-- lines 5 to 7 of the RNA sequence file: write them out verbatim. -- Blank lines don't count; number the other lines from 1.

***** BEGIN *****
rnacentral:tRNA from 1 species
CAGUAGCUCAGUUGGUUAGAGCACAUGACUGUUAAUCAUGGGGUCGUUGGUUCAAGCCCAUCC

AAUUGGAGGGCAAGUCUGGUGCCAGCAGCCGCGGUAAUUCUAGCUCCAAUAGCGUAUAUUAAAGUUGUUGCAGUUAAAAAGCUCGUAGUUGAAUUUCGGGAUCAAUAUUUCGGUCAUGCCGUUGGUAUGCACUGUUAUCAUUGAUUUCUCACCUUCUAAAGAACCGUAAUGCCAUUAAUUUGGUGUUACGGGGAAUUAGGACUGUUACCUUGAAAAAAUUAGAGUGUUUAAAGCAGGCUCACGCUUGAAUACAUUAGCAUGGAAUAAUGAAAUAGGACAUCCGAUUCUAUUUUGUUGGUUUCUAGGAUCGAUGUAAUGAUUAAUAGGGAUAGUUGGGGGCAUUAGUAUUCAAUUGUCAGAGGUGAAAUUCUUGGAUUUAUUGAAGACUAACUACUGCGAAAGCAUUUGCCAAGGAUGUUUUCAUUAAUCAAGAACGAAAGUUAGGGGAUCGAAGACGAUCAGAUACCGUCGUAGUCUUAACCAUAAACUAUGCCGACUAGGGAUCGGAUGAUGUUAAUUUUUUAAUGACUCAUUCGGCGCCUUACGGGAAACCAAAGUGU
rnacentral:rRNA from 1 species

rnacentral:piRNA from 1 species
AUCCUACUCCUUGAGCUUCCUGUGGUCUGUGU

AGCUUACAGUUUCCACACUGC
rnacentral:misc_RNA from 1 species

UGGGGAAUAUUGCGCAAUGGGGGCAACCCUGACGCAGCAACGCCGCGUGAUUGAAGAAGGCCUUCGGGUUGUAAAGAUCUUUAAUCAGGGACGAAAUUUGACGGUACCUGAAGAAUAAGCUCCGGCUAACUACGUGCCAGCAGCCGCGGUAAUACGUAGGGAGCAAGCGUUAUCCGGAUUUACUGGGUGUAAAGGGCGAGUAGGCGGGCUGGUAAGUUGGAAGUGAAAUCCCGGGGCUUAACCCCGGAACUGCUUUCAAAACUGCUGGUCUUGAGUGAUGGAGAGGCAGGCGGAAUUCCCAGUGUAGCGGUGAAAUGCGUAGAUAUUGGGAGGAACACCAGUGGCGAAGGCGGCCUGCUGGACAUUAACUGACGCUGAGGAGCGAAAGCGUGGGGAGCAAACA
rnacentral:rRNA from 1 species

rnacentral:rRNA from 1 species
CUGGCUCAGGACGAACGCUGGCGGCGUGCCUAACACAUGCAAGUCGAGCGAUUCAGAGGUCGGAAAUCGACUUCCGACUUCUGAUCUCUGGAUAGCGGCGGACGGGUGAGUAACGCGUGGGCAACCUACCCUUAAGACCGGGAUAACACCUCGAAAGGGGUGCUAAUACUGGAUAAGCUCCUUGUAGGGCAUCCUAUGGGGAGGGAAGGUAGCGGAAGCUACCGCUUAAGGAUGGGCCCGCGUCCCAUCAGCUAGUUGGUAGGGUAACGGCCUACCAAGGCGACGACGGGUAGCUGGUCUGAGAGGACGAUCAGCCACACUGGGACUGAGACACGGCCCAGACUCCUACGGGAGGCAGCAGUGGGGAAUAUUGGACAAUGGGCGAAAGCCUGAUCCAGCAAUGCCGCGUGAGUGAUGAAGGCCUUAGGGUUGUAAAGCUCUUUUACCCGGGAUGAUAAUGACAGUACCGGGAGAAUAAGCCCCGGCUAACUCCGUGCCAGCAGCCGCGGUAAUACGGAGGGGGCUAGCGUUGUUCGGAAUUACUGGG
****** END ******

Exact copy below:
rnacentral:piRNA from 1 species
AUCCUACUCCUUGAGCUUCCUGUGGUCUGUGU

AGCUUACAGUUUCCACACUGC